Writing in the National Review Online, Mario Loyala suggests that South Korea’s policy toward the North means that the new Secretary General will be an agent of Chinese interests at the UN. His argument is basically this: because Beijing and Seoul have strategies for confronting North Korea that are more similar to each other than to America’s own strategy for dealing with the regime, South Korea’s foreign minister-turned-next Secretary General will stand up for Chinese interests as a whole at the UN. This is a quite a sweeping assertion, particularly as it is based on an extrapolation from precisely one circumstance in which the foreign policy interests of these two countries temporarily align.For example, Loyala seems to think that South Korea’s policy toward the North will somehow affect how the new Secretary General approaches humanitarian intervention in places like Darfur.

“Another Kofi Anna [sic] tradition that his successor is unlikely to uphold is his readiness to discard the U.N. Charter’s cardinal principle of non-intervention ‘in matters which are essentially within the domestic jurisdiction of any state.’ How Ban handles the Darfur situation will be a sign of things to come. In a misguided search for energy security, China has been militarily and financially supporting unsavory regimes in oil-rich countries like Sudan, where the political risk is prohibitive to private commercial investment. Accordingly, in its Security Council votes, China has proved among the strongest opponents of humanitarian intervention in situations like Darfur. Indeed, on the basis of ‘non-intervention,’ China itself resists calls for human rights reform. It is hard to imagine that Ban will break with his long-standing support for China on these issues. The U.N.’s recent success in the field of humanitarian intervention – however limited – is likely to be an early casualty of the Ban secretariat. (emphasis mine)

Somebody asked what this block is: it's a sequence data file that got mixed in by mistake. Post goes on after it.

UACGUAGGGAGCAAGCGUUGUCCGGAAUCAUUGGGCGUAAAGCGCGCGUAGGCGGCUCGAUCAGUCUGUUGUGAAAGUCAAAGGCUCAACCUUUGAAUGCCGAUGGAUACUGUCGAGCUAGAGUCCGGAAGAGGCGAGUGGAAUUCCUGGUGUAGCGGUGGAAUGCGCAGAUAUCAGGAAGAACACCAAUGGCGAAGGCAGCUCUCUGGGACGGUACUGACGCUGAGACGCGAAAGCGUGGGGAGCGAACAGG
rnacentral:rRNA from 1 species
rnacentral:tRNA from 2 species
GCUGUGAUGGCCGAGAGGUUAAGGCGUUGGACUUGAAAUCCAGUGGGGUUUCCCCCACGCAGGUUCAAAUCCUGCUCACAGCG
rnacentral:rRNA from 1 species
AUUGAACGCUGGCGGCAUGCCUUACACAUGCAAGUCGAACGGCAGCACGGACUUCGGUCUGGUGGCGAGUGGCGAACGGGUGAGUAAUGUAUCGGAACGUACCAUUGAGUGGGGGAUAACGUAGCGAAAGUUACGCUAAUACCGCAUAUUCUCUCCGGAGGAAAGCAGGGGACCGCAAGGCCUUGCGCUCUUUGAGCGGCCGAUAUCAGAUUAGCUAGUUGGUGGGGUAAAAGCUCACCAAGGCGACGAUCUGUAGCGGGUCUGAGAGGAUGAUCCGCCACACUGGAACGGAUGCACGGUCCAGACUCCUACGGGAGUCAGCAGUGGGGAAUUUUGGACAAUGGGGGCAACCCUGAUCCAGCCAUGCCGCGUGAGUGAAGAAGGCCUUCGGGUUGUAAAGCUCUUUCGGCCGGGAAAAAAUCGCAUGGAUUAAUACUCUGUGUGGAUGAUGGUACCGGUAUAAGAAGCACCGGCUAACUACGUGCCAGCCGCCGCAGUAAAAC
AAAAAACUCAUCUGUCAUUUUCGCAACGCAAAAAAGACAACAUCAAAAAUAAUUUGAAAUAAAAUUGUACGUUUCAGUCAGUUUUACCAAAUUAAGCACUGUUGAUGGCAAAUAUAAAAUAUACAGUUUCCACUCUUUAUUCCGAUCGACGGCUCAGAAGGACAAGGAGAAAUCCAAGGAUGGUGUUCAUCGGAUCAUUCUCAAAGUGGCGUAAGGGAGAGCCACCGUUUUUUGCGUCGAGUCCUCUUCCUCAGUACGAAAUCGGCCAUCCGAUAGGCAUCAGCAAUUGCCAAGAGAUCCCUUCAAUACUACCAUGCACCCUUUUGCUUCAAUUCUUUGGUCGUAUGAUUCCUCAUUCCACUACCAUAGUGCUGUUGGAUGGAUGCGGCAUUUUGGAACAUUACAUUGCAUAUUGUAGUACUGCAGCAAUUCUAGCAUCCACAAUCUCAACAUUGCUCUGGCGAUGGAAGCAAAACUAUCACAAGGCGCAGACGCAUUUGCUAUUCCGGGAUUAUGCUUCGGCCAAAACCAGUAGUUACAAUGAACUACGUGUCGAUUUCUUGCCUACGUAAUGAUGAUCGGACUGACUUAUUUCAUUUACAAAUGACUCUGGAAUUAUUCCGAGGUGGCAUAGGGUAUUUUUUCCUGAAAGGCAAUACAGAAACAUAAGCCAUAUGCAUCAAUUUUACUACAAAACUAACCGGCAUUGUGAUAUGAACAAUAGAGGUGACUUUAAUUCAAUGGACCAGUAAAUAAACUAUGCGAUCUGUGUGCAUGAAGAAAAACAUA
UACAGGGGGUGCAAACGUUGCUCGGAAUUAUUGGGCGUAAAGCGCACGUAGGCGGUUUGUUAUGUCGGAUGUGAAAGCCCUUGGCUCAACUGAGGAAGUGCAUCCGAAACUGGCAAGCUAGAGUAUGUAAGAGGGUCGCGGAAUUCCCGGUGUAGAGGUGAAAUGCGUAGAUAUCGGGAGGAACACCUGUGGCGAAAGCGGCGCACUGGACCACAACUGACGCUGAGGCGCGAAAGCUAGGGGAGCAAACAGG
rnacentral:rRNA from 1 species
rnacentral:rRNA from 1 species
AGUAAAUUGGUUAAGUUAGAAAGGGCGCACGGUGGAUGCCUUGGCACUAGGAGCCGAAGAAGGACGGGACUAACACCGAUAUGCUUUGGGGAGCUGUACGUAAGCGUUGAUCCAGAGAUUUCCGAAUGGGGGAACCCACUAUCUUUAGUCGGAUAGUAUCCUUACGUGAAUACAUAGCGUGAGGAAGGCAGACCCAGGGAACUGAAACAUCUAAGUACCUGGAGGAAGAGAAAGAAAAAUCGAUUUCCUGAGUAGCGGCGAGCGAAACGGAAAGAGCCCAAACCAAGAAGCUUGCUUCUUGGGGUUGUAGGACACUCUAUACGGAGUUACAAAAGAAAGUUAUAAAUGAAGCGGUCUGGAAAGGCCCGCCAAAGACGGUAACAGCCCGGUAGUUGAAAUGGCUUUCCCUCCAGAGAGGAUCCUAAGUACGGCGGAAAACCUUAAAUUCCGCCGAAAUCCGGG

It is quite a logical leap to assume that South Korean hesitancy toward ‘intervening’ in North Korea means that the next Secretary General will have cold feet in places like Sudan, Cote d’Ivoire, Haiti, and elsewhere. I also find it hard to believe that South Korea’s reluctance for a military option for North Korea is somehow based on a principled notion of state sovereignty which is tightly held by South Korea and its former foreign minister. Loyala’s claim that humanitarian interventions around the world will suffer because of South Korean policy toward the North seems to have been plucked from thin air. It is little more than a scurrilous attack on the incoming Secretary General.

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